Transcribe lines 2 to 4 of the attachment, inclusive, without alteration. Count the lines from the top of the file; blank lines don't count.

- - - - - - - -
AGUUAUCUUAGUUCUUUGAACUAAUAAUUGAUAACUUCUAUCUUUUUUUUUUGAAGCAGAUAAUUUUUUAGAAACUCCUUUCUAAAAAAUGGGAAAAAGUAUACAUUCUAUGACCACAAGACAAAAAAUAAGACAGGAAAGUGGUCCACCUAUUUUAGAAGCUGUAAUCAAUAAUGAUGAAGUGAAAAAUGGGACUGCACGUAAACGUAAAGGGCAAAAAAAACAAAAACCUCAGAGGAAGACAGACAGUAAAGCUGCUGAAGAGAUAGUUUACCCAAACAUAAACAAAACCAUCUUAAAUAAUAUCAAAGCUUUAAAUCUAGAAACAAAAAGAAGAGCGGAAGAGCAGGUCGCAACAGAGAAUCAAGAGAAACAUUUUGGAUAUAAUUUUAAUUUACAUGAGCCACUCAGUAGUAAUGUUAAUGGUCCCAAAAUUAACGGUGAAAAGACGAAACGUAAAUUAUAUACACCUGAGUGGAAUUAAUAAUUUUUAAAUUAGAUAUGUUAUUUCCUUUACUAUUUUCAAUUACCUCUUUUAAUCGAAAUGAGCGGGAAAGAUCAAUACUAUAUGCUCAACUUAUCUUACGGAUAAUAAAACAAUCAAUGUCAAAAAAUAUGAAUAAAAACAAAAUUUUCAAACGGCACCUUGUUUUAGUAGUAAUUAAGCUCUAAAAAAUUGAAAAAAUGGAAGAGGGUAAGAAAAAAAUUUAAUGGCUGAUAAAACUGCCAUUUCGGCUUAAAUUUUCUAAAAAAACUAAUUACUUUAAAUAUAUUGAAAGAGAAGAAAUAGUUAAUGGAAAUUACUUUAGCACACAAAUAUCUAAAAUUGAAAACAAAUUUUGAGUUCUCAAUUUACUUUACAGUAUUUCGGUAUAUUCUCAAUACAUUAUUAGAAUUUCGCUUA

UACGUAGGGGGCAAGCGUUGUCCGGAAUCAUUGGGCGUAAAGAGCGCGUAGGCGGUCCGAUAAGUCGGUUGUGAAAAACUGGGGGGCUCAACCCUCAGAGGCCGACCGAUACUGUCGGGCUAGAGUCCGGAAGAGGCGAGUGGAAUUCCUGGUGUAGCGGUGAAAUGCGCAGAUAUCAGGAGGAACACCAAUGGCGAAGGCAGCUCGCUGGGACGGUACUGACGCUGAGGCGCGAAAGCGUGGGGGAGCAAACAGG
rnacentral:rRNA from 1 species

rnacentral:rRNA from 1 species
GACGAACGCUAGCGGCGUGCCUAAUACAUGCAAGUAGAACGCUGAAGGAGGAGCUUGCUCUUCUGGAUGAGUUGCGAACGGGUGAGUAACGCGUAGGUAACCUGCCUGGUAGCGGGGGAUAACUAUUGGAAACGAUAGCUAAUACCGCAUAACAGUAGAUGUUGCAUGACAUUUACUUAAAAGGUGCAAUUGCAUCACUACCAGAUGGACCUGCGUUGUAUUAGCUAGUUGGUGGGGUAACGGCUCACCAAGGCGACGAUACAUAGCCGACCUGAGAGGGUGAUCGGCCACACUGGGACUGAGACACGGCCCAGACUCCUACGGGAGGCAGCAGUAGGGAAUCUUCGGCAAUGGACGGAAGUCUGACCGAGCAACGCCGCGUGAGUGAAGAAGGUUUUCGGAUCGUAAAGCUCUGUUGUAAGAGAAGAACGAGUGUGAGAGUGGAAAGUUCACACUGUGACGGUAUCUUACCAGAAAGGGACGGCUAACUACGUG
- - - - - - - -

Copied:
UACGUAGGGGGCAAGCGUUGUCCGGAAUCAUUGGGCGUAAAGAGCGCGUAGGCGGUCCGAUAAGUCGGUUGUGAAAAACUGGGGGGCUCAACCCUCAGAGGCCGACCGAUACUGUCGGGCUAGAGUCCGGAAGAGGCGAGUGGAAUUCCUGGUGUAGCGGUGAAAUGCGCAGAUAUCAGGAGGAACACCAAUGGCGAAGGCAGCUCGCUGGGACGGUACUGACGCUGAGGCGCGAAAGCGUGGGGGAGCAAACAGG
rnacentral:rRNA from 1 species

rnacentral:rRNA from 1 species